Recently, I reached the pinnacle of my high school career: I became a second-semester senior. Though I had anticipated this moment since first starting at Whitman as a freshman, I didn’t anticipate the feelings that would come with the last few months of high school; I felt an unsettling mixture of nostalgia, sadness and confusion about where the time went.
It’s challenging to keep track of everything I want to do in life. My list is currently topped by learning Arabic, getting over my fear of sharks and becoming a wildlife photographer.
When I first discovered vision boards, I felt that motivating myself through a collage of images representing my goals would have been more effective in elementary school rather than my senior year. However, laying out all of my bright aspirations was a welcome break from the overwhelming dullness brought on by the coronavirus pandemic. Within a week, my bedroom walls were plastered with the most random of my goals, all glued together and decorated in vibrant colors. Whether it’s the street photography of New York City or a blue guitar that makes me want to rekindle my 10 year old self’s love of playing instruments, every time I walk into my room, I’m overwhelmed in the best way possible. Here are some reasons why I decided to start making vision boards.
There has never been a better time for making vision boards than quarantine; being unable to freely spend time with friends and family is damaging for a number of students’ mental health. Crafting these vision boards has provided a small dose of motivation by reminding me of what I want my future to look like and how I can achieve it. For example, since I wasn’t able to visit many colleges due to the pandemic, making boards helped me understand what kind of a life I wanted in college and encouraged me to apply to the schools that would fit me the best.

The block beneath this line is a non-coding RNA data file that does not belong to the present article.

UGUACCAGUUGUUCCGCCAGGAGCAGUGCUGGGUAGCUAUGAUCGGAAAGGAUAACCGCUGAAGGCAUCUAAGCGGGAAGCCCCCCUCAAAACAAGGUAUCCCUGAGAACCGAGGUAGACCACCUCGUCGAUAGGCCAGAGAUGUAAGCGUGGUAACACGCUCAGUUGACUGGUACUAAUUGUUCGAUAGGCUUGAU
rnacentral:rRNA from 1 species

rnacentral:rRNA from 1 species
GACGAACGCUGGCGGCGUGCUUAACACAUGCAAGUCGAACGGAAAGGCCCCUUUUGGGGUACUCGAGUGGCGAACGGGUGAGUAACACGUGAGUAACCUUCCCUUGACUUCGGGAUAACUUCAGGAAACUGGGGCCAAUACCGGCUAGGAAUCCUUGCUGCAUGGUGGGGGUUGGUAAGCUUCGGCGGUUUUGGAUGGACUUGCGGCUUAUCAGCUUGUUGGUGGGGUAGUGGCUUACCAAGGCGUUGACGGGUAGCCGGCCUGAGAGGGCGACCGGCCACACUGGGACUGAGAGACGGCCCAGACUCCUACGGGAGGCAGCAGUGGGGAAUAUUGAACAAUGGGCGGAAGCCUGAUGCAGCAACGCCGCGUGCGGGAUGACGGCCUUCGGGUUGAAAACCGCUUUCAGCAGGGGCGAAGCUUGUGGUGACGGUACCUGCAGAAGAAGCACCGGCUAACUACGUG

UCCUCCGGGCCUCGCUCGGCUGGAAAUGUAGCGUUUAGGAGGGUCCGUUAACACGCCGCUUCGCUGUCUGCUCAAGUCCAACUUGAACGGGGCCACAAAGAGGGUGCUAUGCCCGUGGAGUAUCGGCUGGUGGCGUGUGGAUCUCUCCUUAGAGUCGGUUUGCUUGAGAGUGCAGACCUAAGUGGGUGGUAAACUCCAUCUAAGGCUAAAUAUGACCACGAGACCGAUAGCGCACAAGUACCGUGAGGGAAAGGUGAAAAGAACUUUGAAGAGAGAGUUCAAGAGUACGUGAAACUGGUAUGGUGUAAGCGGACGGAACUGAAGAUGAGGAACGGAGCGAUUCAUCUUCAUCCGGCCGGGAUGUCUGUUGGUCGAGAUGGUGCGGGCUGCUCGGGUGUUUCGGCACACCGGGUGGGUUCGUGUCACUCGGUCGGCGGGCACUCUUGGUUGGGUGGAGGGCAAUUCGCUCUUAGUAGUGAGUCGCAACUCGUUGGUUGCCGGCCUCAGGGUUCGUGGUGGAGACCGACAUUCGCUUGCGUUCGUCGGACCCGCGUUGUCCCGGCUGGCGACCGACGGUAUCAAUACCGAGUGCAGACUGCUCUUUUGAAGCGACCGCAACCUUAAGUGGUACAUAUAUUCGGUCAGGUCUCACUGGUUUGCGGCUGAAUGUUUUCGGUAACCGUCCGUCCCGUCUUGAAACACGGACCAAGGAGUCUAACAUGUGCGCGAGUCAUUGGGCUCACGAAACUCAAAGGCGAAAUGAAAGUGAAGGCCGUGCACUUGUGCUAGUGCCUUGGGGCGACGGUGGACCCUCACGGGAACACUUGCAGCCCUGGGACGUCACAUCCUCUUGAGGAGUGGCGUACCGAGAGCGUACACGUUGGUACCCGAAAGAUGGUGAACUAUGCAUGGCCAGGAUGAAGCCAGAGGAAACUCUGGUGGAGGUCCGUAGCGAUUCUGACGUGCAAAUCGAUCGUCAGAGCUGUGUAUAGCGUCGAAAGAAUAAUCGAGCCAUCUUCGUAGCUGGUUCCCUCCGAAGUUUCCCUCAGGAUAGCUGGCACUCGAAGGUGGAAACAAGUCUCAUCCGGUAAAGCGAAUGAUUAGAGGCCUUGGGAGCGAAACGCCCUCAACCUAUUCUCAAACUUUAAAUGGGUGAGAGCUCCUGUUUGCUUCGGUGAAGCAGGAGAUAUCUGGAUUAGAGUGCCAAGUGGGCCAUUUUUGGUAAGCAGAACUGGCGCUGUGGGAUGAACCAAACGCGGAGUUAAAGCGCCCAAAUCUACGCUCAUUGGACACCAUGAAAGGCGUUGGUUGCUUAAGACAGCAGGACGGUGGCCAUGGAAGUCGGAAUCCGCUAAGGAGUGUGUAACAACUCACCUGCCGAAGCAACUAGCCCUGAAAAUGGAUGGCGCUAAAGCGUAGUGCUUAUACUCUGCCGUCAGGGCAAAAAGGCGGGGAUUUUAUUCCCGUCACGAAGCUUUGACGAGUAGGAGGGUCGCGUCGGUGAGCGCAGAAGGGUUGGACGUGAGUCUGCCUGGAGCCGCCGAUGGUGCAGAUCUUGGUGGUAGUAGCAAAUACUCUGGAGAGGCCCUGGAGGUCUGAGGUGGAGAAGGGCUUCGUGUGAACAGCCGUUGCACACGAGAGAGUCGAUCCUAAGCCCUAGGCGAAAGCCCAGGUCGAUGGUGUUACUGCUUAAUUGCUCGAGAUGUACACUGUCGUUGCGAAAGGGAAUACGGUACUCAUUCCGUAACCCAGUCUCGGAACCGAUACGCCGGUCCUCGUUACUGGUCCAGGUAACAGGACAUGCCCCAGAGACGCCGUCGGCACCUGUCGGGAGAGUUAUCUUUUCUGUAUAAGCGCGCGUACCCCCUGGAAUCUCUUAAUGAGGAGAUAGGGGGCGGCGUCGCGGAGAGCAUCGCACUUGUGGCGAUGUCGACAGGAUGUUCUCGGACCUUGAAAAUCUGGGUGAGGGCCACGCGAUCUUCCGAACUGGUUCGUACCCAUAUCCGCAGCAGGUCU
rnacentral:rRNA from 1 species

Challenging my creativity
Whether you see yourself continually changing your college major or are dead set on a fixed career path, we all have some idea of what we want our futures to look like. Regardless of how prepared you are for the next stage of your life, vision boards can make seemingly insignificant ideas feel larger than life; standing in front of a physical representation of your dreams can instill you with the notion that anything is possible. A few months ago, I bought several tubes of paint and a sketchpad. I used to avoid painting because I thought I was terrible at it, and even though I may not be the next Bob Ross, I realized that you don’t have to be extremely talented to enjoy what you do. From sketching abstract faces to swirling colorful paint together, all of the new techniques I’ve experimented with have taught me that I love learning new ways to be creative and finding inspiration in others’ artworks.
Call me nostalgic — or a hoarder — but I have kept most of my school papers, second-grade Valentine’s Day letters and underwhelming report cards in a box that traveled with me when I moved to Bethesda from Turkey. I assume these vision boards will join my collection of academic memorabilia as a way to fondly look back on the past. It’s amusing to think about one day finding a board filled with my high school aspirations. I can’t wait to reflect on my adolescent mind 20 years from now. While the unpredictability of the future might seem bleak right for the right moment, vision boards have reminded me there is always something to look forward to.